Part 5 - Build FlickrView for production

In the previous parts, Developing a Dojo Mobile Application, Implementing FeedView and Implementing Settings View, we created the HTML, CSS, and JavaScript code required to power the FlickrView mobile application. This tutorial will focus on updating the code for deployment, leveraging the Dojo build system to keep the application compact for production, and a basic review of the entire Dojo Mobile-powered application.

Dojo Mobile and Builds

Creating a build for Dojo Mobile applications is extremely important because we want our mobile applications to be a small as possible. Let's walk through the steps to create a compact build of our Dojo Mobile application: FlickrView.

Dojo's Build System

Typical build scripts are found within the Dojo Toolkit's util/buildscriptsdirectory, so, for the rest of the tutorial, you will need a local copy of a Dojo source distribution. If you don't have that already, visit

Make sure you get a source distribution, that includes the util directory. Once you have that, copy the dojo, dijit, dojox and util directories into the js directory of your sample application. Your file structure should now be as follows.

Build Profile

Let's create a build profile for FlickrView. The build profile is a configuration file that says what the build will include, and what options are used. The Dojo build system is fully documented on the Creating Builds tutorial, we will just explain briefly what it contains here.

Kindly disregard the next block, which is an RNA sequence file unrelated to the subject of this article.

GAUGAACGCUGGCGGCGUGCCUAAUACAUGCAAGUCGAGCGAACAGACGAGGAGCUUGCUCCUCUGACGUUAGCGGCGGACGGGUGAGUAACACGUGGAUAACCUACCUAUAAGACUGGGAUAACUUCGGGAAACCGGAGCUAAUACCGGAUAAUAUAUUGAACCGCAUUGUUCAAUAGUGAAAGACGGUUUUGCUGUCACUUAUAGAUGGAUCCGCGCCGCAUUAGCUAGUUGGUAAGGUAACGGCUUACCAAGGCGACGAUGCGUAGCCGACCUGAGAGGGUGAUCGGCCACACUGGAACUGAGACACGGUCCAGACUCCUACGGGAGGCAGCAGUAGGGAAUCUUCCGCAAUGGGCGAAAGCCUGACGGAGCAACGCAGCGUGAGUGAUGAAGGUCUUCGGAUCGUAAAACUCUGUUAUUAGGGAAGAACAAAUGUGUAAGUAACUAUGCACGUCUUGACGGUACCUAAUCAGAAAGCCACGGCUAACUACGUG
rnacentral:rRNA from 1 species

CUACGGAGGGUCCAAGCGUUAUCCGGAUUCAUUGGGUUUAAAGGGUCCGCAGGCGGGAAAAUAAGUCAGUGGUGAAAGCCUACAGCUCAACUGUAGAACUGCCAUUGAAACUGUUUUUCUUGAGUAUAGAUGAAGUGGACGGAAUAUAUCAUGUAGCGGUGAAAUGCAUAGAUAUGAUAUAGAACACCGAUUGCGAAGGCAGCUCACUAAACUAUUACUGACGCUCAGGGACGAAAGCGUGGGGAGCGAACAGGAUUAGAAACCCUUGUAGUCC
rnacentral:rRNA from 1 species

The profile starts with some options:

  • "basePath" - defines the origin for all the relative paths in this profile;
  • "action": "release" - the standard action for a build
  • "releaseDir" - specifies the directory where the build results will be output
  • "cssOptimize" - option is useful for a mobile build since it makes sure all the CSS files that make up each theme are concatenated into one single CSS file
var profile = {
    "basePath": "./",
    "action": "release",
    "releaseDir": "../release/js",

    "selectorEngine": "acme",
    "stripConsole": "normal",
    "copyTests": false,
    "cssOptimize": "comments.keepLines",
    "mini": true,
    "optimize": "closure",
    "layerOptimize": "closure",

    "localeList": "en-us",

Next are the layers definition:

In this tutorial, we define only one layer that contains all the modules needed by the application. A layer will result in one .js file being generated, and in our case, we define it as the dojo/dojo layer. It will include only the Dojo code that we actually use in our application, and the custom code that is specific to our application.

Note that we could have split our applications into multiple layers, for example one layer for the dojo code and one layer for the application code. But in the context of a mobile application deployed on networks with high latencies, having multiple requests could have a significant impact on the overall application launch time. For the same reason, we specify the builder to include the localized bundle into the layer (by means of the includeLocales property).

    layers: {
        "dojo/dojo": {
            customBase: true,
            includeLocales: ["en-us"],
            include: [

Then we define a set of has features:

Features are a way to isolate pieces of code that can be conditionally included or excluded (see dojo/has).

For example, we set the "ie" feature to undefined. By this, we state that we don't want the application to run on old Internet Explorer (only on mobile browsers), so we accept that any IE-specific code is excluded from the build.

    staticHasFeatures: {
        "dom-addeventlistener": true,
        "dom-qsa": true,
        "json-stringify": true,
        "json-parse": true,
        "bug-for-in-skips-shadowed": false,